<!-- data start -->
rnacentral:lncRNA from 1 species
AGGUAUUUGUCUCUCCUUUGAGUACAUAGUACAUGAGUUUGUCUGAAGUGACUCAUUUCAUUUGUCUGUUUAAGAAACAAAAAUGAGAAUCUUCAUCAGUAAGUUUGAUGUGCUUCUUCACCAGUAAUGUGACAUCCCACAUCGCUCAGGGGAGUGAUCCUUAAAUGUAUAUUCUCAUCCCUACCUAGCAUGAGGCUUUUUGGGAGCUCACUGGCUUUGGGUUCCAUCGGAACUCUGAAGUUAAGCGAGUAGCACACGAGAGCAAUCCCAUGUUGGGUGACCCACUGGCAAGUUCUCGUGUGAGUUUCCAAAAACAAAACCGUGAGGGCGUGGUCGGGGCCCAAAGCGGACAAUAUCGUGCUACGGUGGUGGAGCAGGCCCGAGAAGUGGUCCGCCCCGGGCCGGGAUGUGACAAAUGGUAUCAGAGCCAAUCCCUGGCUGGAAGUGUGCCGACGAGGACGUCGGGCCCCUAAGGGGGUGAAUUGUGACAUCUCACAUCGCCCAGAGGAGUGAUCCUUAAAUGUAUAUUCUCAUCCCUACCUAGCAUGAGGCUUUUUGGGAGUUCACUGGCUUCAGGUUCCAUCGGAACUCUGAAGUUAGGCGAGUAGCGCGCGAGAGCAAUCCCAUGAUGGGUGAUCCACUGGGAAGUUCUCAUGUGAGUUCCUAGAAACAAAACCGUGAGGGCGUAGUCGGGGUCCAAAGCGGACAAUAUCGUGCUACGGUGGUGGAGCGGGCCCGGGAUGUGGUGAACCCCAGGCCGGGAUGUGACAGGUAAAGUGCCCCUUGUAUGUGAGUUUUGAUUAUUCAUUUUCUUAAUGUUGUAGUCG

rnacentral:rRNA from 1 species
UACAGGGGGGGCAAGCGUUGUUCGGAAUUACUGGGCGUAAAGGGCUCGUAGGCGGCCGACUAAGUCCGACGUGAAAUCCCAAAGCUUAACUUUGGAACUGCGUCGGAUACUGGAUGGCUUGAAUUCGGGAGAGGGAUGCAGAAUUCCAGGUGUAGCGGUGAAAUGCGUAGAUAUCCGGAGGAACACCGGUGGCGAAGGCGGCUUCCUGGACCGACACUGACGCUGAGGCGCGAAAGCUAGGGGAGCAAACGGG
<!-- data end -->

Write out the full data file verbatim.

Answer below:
rnacentral:lncRNA from 1 species
AGGUAUUUGUCUCUCCUUUGAGUACAUAGUACAUGAGUUUGUCUGAAGUGACUCAUUUCAUUUGUCUGUUUAAGAAACAAAAAUGAGAAUCUUCAUCAGUAAGUUUGAUGUGCUUCUUCACCAGUAAUGUGACAUCCCACAUCGCUCAGGGGAGUGAUCCUUAAAUGUAUAUUCUCAUCCCUACCUAGCAUGAGGCUUUUUGGGAGCUCACUGGCUUUGGGUUCCAUCGGAACUCUGAAGUUAAGCGAGUAGCACACGAGAGCAAUCCCAUGUUGGGUGACCCACUGGCAAGUUCUCGUGUGAGUUUCCAAAAACAAAACCGUGAGGGCGUGGUCGGGGCCCAAAGCGGACAAUAUCGUGCUACGGUGGUGGAGCAGGCCCGAGAAGUGGUCCGCCCCGGGCCGGGAUGUGACAAAUGGUAUCAGAGCCAAUCCCUGGCUGGAAGUGUGCCGACGAGGACGUCGGGCCCCUAAGGGGGUGAAUUGUGACAUCUCACAUCGCCCAGAGGAGUGAUCCUUAAAUGUAUAUUCUCAUCCCUACCUAGCAUGAGGCUUUUUGGGAGUUCACUGGCUUCAGGUUCCAUCGGAACUCUGAAGUUAGGCGAGUAGCGCGCGAGAGCAAUCCCAUGAUGGGUGAUCCACUGGGAAGUUCUCAUGUGAGUUCCUAGAAACAAAACCGUGAGGGCGUAGUCGGGGUCCAAAGCGGACAAUAUCGUGCUACGGUGGUGGAGCGGGCCCGGGAUGUGGUGAACCCCAGGCCGGGAUGUGACAGGUAAAGUGCCCCUUGUAUGUGAGUUUUGAUUAUUCAUUUUCUUAAUGUUGUAGUCG

rnacentral:rRNA from 1 species
UACAGGGGGGGCAAGCGUUGUUCGGAAUUACUGGGCGUAAAGGGCUCGUAGGCGGCCGACUAAGUCCGACGUGAAAUCCCAAAGCUUAACUUUGGAACUGCGUCGGAUACUGGAUGGCUUGAAUUCGGGAGAGGGAUGCAGAAUUCCAGGUGUAGCGGUGAAAUGCGUAGAUAUCCGGAGGAACACCGGUGGCGAAGGCGGCUUCCUGGACCGACACUGACGCUGAGGCGCGAAAGCUAGGGGAGCAAACGGG